There is, luckily, a baked potato in "The Baxter." She is played by Michelle Williams, as Cecil Mills, the cute temp who is right there in Elliot's outer office and adores him and is perfect for him and is cuter than a button and almost as cute as two buttons. She glows in the movie. She glows so much, indeed, that I was waiting for her to dump Elliot, too. She's too good for a baxter.
There's also a hilarious supporting performance by Peter Dinklage, as a wedding planner named Benson Hedges. His name reminds me of the year Edy Williams introduced me to her date on Oscar night: "I'd like you to meet Dean Witter." Dinklage, who you may remember from "The Station Agent" (and if you don't, that is the next movie you should rent) plays a gay dwarf who not only steals every scene he's in, but pawns it and buys more scenes and walks off with them, too. He has a little routine with cute guys on a city sidewalk that is like a meditation on hope and lust. Benson may be a Hedges, but he will never be a baxter.
The problem with "The Baxter" is right there at the center of the movie, and maybe it is unavoidable: Showalter makes too good of a baxter. He deserves to be dumped. At some point everyone in the movie should have jilted him and gone off and started a movie of their own. If Elliot ever gets to the altar with Cecil, Benson Hedges the wedding planner should march in and sweep her away. Yes, he's gay, but maybe they could work out something. He could plan her into another wedding.
By Nathan Rabin Aug 23, 2005
The Baxter opens with a scene mirroring the famed ending of The Graduate, in which Dustin Hoffman interrupts Katharine Ross' wedding to some anonymous blueblood and spirits her away on a magical public-bus ride to uncertainty. In his directorial debut, Wet Hot American Summer writer-actor Michael Showalter gives a name and an existential identity to that poor, insufficiently charismatic, perpetually frustrated soul left stranded at the altar while the hero gets the girl: a Baxter. His film dares ask what would happen if a romantic comedy were told from the perspective of a Baxter, that nice, agreeable fellow whose modest charms seldom inspire the kind of outsized, melodramatic emotions on which romantic comedies thrive. It's a wonderful premise, and it seems like an ideal fit for Showalter, whose show Stella is currently providing television with some of its most surreally inspired deadpan absurdism since Get A Life.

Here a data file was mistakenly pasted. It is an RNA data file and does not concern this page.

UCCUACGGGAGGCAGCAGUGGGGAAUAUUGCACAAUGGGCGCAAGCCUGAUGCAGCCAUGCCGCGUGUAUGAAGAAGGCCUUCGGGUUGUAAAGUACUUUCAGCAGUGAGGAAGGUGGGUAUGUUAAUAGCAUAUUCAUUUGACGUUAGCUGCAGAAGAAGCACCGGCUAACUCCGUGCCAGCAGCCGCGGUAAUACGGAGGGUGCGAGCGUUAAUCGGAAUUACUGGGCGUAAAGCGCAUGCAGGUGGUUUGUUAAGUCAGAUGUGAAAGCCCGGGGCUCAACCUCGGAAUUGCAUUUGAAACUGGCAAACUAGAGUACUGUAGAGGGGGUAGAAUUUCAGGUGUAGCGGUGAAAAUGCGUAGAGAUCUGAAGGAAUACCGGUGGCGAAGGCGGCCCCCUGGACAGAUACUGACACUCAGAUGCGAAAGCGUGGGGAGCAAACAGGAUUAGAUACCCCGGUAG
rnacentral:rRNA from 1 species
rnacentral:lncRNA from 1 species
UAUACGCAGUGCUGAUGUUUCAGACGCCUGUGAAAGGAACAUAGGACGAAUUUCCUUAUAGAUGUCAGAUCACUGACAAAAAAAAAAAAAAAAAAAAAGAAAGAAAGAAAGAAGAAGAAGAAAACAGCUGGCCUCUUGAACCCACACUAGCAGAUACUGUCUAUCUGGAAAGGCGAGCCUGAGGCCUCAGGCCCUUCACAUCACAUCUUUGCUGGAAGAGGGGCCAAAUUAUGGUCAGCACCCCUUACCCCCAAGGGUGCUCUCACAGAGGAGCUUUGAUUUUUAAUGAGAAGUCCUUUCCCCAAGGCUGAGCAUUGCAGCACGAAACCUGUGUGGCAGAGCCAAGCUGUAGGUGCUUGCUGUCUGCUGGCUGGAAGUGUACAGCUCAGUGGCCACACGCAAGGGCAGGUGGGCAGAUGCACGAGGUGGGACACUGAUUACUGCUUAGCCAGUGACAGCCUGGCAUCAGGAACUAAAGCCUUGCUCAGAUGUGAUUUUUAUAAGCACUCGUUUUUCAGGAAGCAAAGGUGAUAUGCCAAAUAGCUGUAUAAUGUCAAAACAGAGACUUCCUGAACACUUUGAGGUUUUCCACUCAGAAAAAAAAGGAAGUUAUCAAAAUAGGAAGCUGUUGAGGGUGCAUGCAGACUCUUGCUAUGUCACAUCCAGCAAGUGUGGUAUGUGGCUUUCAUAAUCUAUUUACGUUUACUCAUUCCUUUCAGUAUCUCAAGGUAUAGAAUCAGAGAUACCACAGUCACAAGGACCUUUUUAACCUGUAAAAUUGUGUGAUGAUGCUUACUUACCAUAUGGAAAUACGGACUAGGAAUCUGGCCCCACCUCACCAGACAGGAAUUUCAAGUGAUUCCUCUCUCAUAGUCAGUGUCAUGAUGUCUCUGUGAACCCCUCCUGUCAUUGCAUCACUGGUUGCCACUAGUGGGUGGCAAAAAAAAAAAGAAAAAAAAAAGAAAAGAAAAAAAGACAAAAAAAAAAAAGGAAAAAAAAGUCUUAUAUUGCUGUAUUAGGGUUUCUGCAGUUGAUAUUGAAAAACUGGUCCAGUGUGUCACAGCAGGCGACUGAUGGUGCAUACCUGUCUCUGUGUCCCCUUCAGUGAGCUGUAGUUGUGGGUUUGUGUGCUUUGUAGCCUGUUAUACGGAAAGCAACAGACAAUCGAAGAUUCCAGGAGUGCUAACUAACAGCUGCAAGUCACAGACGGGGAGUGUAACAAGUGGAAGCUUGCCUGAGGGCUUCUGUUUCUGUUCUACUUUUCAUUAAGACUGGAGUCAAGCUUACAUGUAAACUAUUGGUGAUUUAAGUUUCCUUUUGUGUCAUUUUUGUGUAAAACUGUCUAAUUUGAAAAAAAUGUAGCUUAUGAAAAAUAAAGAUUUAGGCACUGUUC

So why isn't The Baxter an unqualified triumph? Probably because its knockout premise is also its biggest conceptual miscalculation. A truly great Baxter throws off the balance of the film he's in by being more sympathetic or appealing than the ostensible romantic hero, as Rudy Vallee did as arguably the greatest Baxter of all time in The Palm Beach Story. But Showalter is no Vallee, or even Ben Stiller in Reality Bites, to cite a more recent example. No, Showalter's Baxter is a bit of a stiff, an accountant who falls for plastic beauty Elizabeth Banks while fumbling his way through an awkward mating dance of the über-nerds with temp Michelle Williams, who exudes the squirmy, precious vulnerability of a wet puppy. Showalter and Williams are adorable as geeks who take forever to realize just how much they dig each other, but neither makes for a particularly satisfying romantic lead. That's ultimately the film's fatal flaw: it bumps Showalter's Baxter up to the role of the romantic lead without giving him an equivalent increase in complexity or depth.
Few genres are as formula-bound as the romantic comedy, and The Baxter's funniest moments goof irreverently on the genre's clichés, but for much of its duration, Showalter can't seem to decide whether to satirize those conventions or follow them in a slightly different form. Thanks to regular David Gordon Green cinematographer Tim Orr, The Baxter looks great, and Showalter's Stella-mate David Wain has a funny cameo, but it's hard not to see the film as a blown opportunity. Showalter's comedy asks why Baxters can't be romantic leads, then inadvertently provides an all-too-convincing answer at feature length.